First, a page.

WASHINGTON – Congressman Tom Reed (R-Corning, NY 23) is continuing to defend his vote to repeal the Affordable Care Act (ACA), also known as Obamacare, and replacing it with the GOP-backed American Health Care Act (AHCA), or ‘Truumpcare’ as some critics have dubbed it.
During his weekly conference call with Media on Tuesday, Reed said he stands by the AHCA, saying the plan is better for the country, compared to ACA. He also responded to a question about the concerns that have been raised regarding AHCA, saying they stem from a lot of misinformation.
“There’s a lot of misinformation out there about the bill and probably the biggest misinformation is the whole issue of preexisting condition reform being attacked by this legislation,” Reed said. “I can assure you, as a father of a type 1 diabetic and firmly in support of preexisting condition reform, the legislative text and the legislative interpretation that folks are trying to latch into in some theoretical situation where this risk is going to materialize is just false. It’s not going to materialize.”
Reed also said that many critics of the AHCA are against it for political reasons.
“I believe because it’s such a political issues, folks are going to engage in the politics and the rhetoric of healthcare and I understand that, I understand what their intentions are,” Reed said, adding, “But at the end of the day, I’m going to listen to the patients and I’m going to listen to the fact that the status quo can not be continued because it’s risking millions of Americans’ lives, so we have to deal with this healthcare situation in a proactive and positive step.”
The House’s amended version of the AHCA has yet to be scored by the Congressional Budget Office (CBO), so there has yet to be an updated score on what kind of impact the amended legislation will actually have on the American people. WRFA asked Reed about the decision by House Republicans to move forward and hold a vote before the CBO released its findings.
“I did raise a voice and say we should wait until the complete score is done, but obviously the decision was made to go with the base score and I’m comfortable with that base score,” ,” Reed said. “I recognize the score when it comes to the 24 million folks that they estimate will lose coverage, but I also recognize the improvement in the premiums that bill shows. So overall that base score is something that I’m confident in, in regard to the CBO doing its job.”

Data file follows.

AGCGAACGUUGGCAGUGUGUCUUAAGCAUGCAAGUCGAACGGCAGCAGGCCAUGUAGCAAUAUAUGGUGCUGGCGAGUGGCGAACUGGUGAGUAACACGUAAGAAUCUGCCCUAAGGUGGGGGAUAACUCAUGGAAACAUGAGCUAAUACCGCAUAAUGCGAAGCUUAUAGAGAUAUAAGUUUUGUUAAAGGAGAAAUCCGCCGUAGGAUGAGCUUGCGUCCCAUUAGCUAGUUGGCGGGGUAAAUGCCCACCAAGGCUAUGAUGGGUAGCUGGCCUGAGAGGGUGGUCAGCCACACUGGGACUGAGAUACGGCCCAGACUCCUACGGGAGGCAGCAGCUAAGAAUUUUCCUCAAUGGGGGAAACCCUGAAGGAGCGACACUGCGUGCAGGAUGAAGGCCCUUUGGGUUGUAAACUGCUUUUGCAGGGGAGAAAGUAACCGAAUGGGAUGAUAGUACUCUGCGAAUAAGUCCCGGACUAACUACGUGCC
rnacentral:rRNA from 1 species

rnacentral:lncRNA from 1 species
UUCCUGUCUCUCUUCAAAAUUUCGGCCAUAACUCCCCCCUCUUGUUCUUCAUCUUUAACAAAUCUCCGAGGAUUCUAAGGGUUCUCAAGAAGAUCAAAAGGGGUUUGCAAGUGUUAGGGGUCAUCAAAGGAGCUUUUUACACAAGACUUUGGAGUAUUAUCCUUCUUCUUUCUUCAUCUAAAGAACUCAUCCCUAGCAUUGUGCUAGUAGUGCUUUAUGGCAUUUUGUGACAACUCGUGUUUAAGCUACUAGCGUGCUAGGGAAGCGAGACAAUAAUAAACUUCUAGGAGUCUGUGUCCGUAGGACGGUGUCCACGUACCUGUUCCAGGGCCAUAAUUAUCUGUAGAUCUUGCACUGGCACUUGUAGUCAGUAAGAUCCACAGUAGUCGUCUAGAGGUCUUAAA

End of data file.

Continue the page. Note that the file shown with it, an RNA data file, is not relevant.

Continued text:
And Reed said even if the House had waited for the updated CBO score on the revised legislation, there’s no guarantee how accurate it would have been.
“You look at where the CBO budget score was for the Affordable Care Act, where they said 22 million Americans would be gaining additional healthcare coverage under their score. But when we actually saw the numbers come out, it was actually 10 or 11 million. That tells me you have to have some common sense here. You have to get all the information that you can and then you have to make an informed decision when the legislation is before you,” Reed said.
The Senate still has to act on the AHCA legislation and it appears they will wait until the final CBO scores are released before moving on the legislation. The Senate will have the option of approving the same version the House approved – which would then move it on to the president for his signature. Or it could also amend the legislation, sending it back to the House for reconciliation before a final draft is agreed upon and both vote on it again before sending it to the president. There’s also the slim possibility the legislation will be defeated in the Senate, with 49 Democrats already against it, meaning only two Republicans would also have to vote against it in order for it to fail Senate approval.
Valerie Hans says
Tom Reed appears to be misinformed about the details of the bill he voted for. States do have the option of excluding guarantees for preexisting conditions, essential benefits, and more. I’m sorry that our representative was not determined enough to insist on a CBO score before voting in favor of this troubling bill that, if passed, will dramatically reduce health care coverage.